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Friday, December 28, 2012

Books I Read In 2012

Image courtesy beaubooks.tumblr.com- representation purpose only

I took the GoodReads Reading Challenge for 2012 and had set myself a goal of 70 books. I finished the challenge and am still reading. So here's the list of books I read here, have you read any of these?

Wednesday, December 26, 2012

Goodreads Reading Challenge 2012 Complete!


Your 2012 Reading Challenge Goal

Debolina Raja Gupta
Congrats! You have completed your goal of reading 70 books for the 2012 Reading Challenge!
 
 
 
Btw, that doesn't mean im a lazy bum and just lie about and read :-P
 

- Debolina Raja Gupta

The Bride Stripped Bare: On The Cover

Cover of The Bride Stripped Bare

This book has been on my wishlist for quite some time now, so yesterday while I was browsing the aisles of the book chain Landmark and came across it, I obviously had to get it!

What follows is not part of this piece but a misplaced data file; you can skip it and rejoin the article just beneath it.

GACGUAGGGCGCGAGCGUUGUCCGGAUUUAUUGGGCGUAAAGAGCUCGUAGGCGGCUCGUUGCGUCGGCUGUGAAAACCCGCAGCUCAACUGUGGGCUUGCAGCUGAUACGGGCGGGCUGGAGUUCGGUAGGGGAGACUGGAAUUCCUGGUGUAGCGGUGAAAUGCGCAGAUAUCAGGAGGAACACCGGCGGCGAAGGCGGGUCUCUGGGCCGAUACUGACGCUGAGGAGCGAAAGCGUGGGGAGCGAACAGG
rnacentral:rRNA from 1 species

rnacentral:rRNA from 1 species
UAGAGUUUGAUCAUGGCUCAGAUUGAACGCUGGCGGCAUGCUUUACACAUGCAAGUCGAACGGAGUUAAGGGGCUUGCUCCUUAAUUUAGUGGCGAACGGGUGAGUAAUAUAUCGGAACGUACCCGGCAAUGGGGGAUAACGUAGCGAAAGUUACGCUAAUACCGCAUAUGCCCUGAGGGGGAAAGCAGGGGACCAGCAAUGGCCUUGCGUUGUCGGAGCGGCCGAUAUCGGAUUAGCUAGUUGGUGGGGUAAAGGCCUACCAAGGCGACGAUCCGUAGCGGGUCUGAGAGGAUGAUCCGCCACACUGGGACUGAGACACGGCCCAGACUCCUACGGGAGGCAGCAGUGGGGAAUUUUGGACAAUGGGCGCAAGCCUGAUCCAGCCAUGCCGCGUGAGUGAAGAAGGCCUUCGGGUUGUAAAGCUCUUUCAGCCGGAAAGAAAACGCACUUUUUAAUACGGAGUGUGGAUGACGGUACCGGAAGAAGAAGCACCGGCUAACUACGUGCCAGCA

Here's what's on the cover: it's really interesting and I'm almost through the book already! The book is The Bride Stripped Bare by Nikki Gemmell

 author Nikki Gemmell

'Sexual awakening for the dark horse in all of us' - Tatler

'Wonderfully sensuous' - Independent

A woman disappears. She leaves behind an incendiary diary chronicling her journey of sexual awakening. To all who knew her she was the Good Wife: happy, devoted, content. But the diary reveals a secret self - a woman who has desires her husband cannot fulfill.

Wednesday, December 12, 2012

The Line of Beauty by Alan Hollinghurst: Review

The Line of Beauty by Alan Hollinghurst is the 2004 winner of the Man Booker Prize. I was desperate to read this one after I read the storyline in a magazine and immediately went out and got both books by Alan Hollinghurst that I could find - The Swimming Pool Libraries and The Line of Beauty.